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Why Hiring a Student Loan Attorney is a Good Idea

christie_d._arkovich_p.a_1_smallIn my continued efforts to help student loan borrowers understand why hiring a student loan attorney is a good idea, I’d like to post some of the cases we are working on this week.  Some of these are a little out of the ordinary and I’m hoping that other potential clients who have similar difficulties will contact us to help after they read this.

  1.  We settled a case for a client who came to us with a private student loan default a couple months back.  He had accidentally defaulted when he tried to put two student loans into forbearance.  He was told to send a certain sum of money, and sign and return two forbearance agreements.  He did that.  Despite both agreements being placed in the same envelope, the unnamed bank claimed it had received only one.  And they argued that two payments were due, not just one.  So they put the default on his credit.  Unfortunately, this default would prevent him from applying and obtaining a federal attorney position with a security clearance.  He offered to pay them in full.  No can do.  The default would remain.   He hired us.  We tried to talk to the bank but we also hit a brick wall.  So we sued.  Within two weeks of hearing from the attorney representing the bank, we agreed to a removal of the default and a 50% settlement in exchange for a waiver of our claims.  We sued under theories of negligence, negligent misrepresentation and the FCCPA.  Our client is up for consideration for a federal job now, and we’ve asked that the default removal request be expedited so that it won’t come up in the background search.  While we will never know for certain, the litigation we filed allowed the bank to “act outside of the box” and get this rectified.
  2. Another client came to us after being garnished on her federal loans for 8-9 years at $500 a month.  I could hardly believe this had gone on for so long, but she didn’t think anything could be done since it was a student loan.  She’s not alone, many people think that, including attorneys who don’t do student loan work.  She is a teacher making $30k or so a month.  She owes 82k and her loan balance despite the $500 wage garnishment is not going down and she feared having to pay it forever.  With two kids of her own about to go to college, she couldn’t afford for this to continue.  Our plan is to rehab the default to cure it, then consolidate the loans to re-characterize her FFEL loans so they are eligible for public service and then apply for a certain income based plan with debt forgiveness that would forgive the balance after 10 years under the public service program without considering her husband’s considerable income.  When the dust settles we estimate her payment will be $300 for 10 years.  She is good with that.  The amount is based on her income (not her husband’s which is over 100k), is affordable and the best thing is it’s over in 10 years with no tax forgiveness.
  3. We are nearing a settlement at 15% for a private loan held by the originating lender (not a debt buyer) for violations of a bankruptcy confirmation order and the automatic stay when it placed late pays for years and a default on the credit reports of a father who filed bankruptcy but continued to make payments on the private student loans under the confirmed Chapter 13 plan.  The lender also dinged the son’s credit report for the late pays and default without lifting the bankruptcy stay to take such collection action.  It can be disputed whether these are actual violations and what the damages are but our clients reported they were unable to get credit, particular the son who had not filed bankruptcy and otherwise had stellar credit.  This settlement will result represent approximately 15% of the balance when the client came to us.  And from a creditor that normally will not take less than 70% lump sum.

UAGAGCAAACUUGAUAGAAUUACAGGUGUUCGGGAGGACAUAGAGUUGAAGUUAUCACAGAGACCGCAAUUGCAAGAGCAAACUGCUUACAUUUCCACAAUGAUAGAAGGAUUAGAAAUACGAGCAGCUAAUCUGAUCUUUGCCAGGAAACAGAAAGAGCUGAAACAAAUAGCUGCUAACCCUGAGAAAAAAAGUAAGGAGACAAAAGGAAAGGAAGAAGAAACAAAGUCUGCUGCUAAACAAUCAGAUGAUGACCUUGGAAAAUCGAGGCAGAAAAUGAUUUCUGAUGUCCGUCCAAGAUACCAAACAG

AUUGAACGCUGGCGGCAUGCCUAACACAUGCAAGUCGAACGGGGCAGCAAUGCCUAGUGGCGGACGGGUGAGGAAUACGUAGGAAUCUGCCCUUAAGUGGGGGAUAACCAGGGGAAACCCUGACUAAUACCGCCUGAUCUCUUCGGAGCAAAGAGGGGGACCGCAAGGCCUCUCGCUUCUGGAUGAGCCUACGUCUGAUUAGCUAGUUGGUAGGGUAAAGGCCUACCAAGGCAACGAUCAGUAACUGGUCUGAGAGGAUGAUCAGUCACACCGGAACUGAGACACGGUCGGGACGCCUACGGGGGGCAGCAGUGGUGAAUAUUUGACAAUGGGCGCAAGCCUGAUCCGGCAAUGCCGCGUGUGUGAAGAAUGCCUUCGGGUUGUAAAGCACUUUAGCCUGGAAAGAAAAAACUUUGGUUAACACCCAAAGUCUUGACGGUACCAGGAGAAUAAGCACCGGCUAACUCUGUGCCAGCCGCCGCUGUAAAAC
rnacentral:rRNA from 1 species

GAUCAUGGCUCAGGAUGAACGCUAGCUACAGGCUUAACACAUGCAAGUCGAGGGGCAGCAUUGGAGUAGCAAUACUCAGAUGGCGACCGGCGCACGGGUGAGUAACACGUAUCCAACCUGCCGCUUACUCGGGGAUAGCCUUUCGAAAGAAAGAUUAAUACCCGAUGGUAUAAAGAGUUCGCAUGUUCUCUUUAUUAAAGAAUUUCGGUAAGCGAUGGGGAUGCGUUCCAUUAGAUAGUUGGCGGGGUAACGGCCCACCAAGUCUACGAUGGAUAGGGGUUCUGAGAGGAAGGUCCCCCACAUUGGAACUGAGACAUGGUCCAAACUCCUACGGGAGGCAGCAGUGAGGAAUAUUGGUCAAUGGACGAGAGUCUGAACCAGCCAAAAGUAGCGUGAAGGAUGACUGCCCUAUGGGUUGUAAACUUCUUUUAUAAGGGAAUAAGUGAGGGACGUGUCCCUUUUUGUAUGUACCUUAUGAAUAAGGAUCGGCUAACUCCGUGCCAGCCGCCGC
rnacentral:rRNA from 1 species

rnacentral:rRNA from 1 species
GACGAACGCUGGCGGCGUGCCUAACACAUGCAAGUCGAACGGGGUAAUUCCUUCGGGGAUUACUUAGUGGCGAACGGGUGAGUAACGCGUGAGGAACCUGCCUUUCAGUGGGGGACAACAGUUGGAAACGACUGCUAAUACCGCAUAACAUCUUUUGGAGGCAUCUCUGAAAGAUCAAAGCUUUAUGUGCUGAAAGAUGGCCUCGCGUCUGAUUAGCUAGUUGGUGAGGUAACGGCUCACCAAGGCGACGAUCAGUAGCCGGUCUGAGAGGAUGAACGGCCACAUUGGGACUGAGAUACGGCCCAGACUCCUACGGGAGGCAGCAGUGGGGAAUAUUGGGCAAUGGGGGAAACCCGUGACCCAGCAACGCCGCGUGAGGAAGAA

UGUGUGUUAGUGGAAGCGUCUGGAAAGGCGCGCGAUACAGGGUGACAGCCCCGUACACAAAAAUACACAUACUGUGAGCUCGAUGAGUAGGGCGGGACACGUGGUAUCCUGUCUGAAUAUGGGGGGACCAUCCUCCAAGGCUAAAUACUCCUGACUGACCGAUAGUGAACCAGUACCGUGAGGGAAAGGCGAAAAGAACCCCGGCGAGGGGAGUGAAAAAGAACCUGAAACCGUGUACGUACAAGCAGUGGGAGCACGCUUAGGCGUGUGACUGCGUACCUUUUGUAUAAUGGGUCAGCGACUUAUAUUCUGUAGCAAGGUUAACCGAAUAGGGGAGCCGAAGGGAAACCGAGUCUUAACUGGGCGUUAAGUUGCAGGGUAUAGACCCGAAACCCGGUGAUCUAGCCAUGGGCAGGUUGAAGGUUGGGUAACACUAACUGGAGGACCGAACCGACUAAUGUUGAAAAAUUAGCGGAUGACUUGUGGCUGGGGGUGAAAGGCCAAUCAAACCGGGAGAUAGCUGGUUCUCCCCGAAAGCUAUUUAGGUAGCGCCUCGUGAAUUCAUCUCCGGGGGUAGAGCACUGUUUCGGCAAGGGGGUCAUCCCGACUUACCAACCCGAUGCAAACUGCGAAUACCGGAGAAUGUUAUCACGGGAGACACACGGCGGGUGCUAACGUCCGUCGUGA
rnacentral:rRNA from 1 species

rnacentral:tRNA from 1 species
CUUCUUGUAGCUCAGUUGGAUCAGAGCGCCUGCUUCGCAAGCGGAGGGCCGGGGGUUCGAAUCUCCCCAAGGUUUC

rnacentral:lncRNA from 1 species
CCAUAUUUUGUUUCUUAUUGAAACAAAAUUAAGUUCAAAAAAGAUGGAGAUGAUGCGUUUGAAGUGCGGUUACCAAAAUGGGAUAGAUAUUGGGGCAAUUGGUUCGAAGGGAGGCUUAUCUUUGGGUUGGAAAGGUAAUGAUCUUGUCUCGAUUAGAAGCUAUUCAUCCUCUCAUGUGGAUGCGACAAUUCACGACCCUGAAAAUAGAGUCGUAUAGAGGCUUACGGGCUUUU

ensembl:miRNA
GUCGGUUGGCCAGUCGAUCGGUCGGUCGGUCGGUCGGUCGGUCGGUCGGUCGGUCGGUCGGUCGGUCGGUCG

4. Another client hasn’t been able to obtain his transcript since 2007.  On the way to graduation, he had the misfortune of getting hit by a truck on the interstate.  It’s taken years to recover and he’s been working menial jobs when he’s able.  But he’s never been able to obtain his transcripts because he was in default on his student loans – so he was told.  He’s spent years trying to get them speaking for hours with eight different departments at the school.   I have a bet with myself about how quick we can get it.  Hint:  he already filed a bankruptcy a couple years ago and tuition debts owed to a school are dischargeable just like credit card debt.  Check back in two weeks.
  5. A student loan attorney can help with even something as simple as a rehab plan.  One client this week was approved for a payment of $10.  This was right before a garnishment order would have been entered.  When he had submitted his tax return and provided information about his family size, he was initially quoted a payment amount of $472.  When we re-submitted the request using a budget form that we’ve developed and cited the appropriate C.F.R. rules, the payment was dropped to $10.

Were we able to get rid of the entire student loan?  No.  But we were definitely able to help our clients obtain reasonable and affordable payments on both federal and private student loans, and help them get better jobs, improve their credit and move on with their lives to buy houses, move out of their parent’s basement and have children of their own.  For further information, please contact Christie D. Arkovich, P.A. and check out our reviews on Avvo.

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